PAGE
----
And I'm not big on fishing
When there is a need for knowing the depth, a depth sounder can do just that. And no more.
A fish finder provides a whole range of info like the shape of the bottom and the make-up of the sea bed (rock, sand, etc). Many of the better ones have forward-looking sonar that is also very useful.
And it can also see fish if that's of any value to you.
Not to mention shipwrecks, big rocks...they are fun to twiddle with. I got a monochrome Eagle fishfinder for the nav station because I could make the numbers quite large, large enough to be read from the cockpit. I kept the old, still functional cathode ring one as a backup, but really, I use the new one a lot more.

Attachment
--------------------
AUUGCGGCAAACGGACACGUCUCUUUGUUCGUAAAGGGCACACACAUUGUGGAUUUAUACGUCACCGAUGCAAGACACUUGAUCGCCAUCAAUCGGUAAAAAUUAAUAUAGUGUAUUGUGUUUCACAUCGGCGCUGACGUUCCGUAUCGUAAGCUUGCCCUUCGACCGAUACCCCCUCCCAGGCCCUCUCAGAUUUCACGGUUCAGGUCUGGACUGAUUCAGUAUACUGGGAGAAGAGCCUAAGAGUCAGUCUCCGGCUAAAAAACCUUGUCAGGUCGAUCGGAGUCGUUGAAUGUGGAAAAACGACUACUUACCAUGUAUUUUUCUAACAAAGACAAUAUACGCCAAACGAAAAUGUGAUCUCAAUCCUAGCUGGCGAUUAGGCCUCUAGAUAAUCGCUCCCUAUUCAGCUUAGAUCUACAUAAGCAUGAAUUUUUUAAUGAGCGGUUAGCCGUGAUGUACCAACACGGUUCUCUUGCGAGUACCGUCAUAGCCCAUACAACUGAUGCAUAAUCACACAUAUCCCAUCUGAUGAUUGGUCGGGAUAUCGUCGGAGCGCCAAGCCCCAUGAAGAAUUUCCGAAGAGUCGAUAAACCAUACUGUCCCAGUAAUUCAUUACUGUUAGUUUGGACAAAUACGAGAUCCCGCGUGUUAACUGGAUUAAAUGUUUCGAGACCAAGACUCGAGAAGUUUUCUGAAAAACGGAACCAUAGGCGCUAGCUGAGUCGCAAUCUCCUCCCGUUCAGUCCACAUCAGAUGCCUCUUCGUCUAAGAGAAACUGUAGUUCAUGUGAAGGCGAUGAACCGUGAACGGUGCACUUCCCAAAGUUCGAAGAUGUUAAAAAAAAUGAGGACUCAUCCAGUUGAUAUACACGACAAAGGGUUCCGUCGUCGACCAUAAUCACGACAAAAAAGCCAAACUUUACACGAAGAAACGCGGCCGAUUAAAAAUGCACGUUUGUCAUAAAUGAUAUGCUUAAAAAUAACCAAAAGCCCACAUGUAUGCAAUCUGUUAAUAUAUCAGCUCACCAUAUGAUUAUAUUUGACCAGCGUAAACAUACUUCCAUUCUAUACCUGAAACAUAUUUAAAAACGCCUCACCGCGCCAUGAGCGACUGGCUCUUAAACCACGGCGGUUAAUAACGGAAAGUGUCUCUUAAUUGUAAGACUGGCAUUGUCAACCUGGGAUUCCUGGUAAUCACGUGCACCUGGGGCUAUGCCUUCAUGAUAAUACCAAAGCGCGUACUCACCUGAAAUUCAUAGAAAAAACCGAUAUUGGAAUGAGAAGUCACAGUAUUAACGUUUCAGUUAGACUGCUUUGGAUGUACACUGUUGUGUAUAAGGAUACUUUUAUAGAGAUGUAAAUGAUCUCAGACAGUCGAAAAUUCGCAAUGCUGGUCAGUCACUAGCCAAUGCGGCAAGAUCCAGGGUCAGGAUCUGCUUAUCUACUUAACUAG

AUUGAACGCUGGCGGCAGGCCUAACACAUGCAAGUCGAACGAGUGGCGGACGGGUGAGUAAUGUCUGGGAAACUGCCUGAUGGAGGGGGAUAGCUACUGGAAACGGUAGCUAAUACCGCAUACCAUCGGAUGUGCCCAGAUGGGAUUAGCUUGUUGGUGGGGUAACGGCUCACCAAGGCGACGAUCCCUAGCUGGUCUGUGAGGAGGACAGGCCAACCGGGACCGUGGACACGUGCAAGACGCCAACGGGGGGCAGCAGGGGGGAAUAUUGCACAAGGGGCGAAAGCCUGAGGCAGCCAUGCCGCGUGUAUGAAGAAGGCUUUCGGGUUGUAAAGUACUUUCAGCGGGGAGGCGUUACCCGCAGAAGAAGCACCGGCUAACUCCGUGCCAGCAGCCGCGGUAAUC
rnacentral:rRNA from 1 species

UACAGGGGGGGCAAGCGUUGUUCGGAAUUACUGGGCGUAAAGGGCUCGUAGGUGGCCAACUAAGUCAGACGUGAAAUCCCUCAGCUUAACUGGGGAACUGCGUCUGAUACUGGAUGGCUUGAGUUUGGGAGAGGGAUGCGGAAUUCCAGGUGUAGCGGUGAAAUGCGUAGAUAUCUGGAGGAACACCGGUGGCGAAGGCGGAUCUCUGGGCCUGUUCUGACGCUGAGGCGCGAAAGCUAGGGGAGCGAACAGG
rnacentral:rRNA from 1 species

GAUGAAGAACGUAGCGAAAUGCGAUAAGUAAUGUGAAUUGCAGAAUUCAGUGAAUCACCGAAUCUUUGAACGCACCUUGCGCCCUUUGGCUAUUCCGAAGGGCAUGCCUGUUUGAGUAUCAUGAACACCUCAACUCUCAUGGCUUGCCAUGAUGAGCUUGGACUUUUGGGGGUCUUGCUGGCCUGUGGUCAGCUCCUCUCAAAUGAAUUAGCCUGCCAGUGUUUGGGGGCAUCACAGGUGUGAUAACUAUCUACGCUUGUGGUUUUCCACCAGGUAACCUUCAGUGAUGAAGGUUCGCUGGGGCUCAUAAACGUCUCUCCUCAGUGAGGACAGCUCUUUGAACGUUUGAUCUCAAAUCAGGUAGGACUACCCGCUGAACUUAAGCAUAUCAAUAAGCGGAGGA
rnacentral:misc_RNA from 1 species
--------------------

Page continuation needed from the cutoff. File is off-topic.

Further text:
Another trick is to set the alarm for a known depth contour, like 10 metres or 30 feet or something that will stick out on a chart. Then you can follow the contour in fog knowing where you are not
, if you follow, which can be quite helpful. For instance, if you find a nav aid that your DR tells you is near, and it's close to a known contour, you can be in fog at night and find it, and then literally get your bearings.
I'm no Luddite who would turn down a chartplotter, but give me a paper chart, a fishfinder (tells me when I've hit "shelly bits" or some unusual charted bottom state) and a compass, and I can usually find my way to safety.